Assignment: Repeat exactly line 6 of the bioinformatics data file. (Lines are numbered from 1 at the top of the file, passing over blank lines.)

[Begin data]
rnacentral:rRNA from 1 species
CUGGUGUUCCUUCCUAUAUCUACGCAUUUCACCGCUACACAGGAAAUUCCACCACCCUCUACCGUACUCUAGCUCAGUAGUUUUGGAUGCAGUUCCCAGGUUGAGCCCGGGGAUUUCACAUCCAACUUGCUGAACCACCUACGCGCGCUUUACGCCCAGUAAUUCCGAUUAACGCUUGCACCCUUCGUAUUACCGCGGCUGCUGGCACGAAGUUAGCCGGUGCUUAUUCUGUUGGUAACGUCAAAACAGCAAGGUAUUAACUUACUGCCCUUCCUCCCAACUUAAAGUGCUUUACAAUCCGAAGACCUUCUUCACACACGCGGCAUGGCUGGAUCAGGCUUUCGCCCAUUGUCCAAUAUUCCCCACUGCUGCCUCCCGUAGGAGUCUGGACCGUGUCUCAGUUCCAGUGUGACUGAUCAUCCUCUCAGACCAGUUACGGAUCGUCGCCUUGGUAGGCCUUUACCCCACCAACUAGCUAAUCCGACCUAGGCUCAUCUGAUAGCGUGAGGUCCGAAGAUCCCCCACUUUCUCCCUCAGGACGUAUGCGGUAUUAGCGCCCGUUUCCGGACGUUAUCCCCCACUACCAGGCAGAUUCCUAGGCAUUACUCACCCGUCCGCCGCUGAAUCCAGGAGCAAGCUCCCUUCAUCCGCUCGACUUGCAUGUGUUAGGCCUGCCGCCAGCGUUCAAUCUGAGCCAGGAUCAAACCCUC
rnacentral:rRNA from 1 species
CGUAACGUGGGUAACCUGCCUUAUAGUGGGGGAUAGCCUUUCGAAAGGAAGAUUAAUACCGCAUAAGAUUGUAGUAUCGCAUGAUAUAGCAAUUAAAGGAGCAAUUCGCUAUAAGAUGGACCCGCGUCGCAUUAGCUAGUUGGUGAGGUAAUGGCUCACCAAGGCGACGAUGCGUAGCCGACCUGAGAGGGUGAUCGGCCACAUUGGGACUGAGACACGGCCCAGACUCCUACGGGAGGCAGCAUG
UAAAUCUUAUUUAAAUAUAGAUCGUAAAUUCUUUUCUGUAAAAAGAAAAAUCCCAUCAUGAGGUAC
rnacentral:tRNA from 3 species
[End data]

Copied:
rnacentral:tRNA from 3 species